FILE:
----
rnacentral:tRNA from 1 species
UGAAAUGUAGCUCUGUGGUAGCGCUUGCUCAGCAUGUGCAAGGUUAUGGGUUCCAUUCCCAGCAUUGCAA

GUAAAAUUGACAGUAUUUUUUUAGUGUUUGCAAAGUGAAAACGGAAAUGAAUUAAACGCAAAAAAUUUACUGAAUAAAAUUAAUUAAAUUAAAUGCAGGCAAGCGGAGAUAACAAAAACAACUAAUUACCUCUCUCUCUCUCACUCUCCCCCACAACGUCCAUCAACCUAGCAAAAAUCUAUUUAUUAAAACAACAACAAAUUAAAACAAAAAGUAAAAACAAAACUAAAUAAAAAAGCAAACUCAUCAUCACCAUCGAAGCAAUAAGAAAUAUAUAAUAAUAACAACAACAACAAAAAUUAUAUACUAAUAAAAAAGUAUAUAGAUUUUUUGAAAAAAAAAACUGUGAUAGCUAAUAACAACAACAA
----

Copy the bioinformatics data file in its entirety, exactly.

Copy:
rnacentral:tRNA from 1 species
UGAAAUGUAGCUCUGUGGUAGCGCUUGCUCAGCAUGUGCAAGGUUAUGGGUUCCAUUCCCAGCAUUGCAA

GUAAAAUUGACAGUAUUUUUUUAGUGUUUGCAAAGUGAAAACGGAAAUGAAUUAAACGCAAAAAAUUUACUGAAUAAAAUUAAUUAAAUUAAAUGCAGGCAAGCGGAGAUAACAAAAACAACUAAUUACCUCUCUCUCUCUCACUCUCCCCCACAACGUCCAUCAACCUAGCAAAAAUCUAUUUAUUAAAACAACAACAAAUUAAAACAAAAAGUAAAAACAAAACUAAAUAAAAAAGCAAACUCAUCAUCACCAUCGAAGCAAUAAGAAAUAUAUAAUAAUAACAACAACAACAAAAAUUAUAUACUAAUAAAAAAGUAUAUAGAUUUUUUGAAAAAAAAAACUGUGAUAGCUAAUAACAACAACAA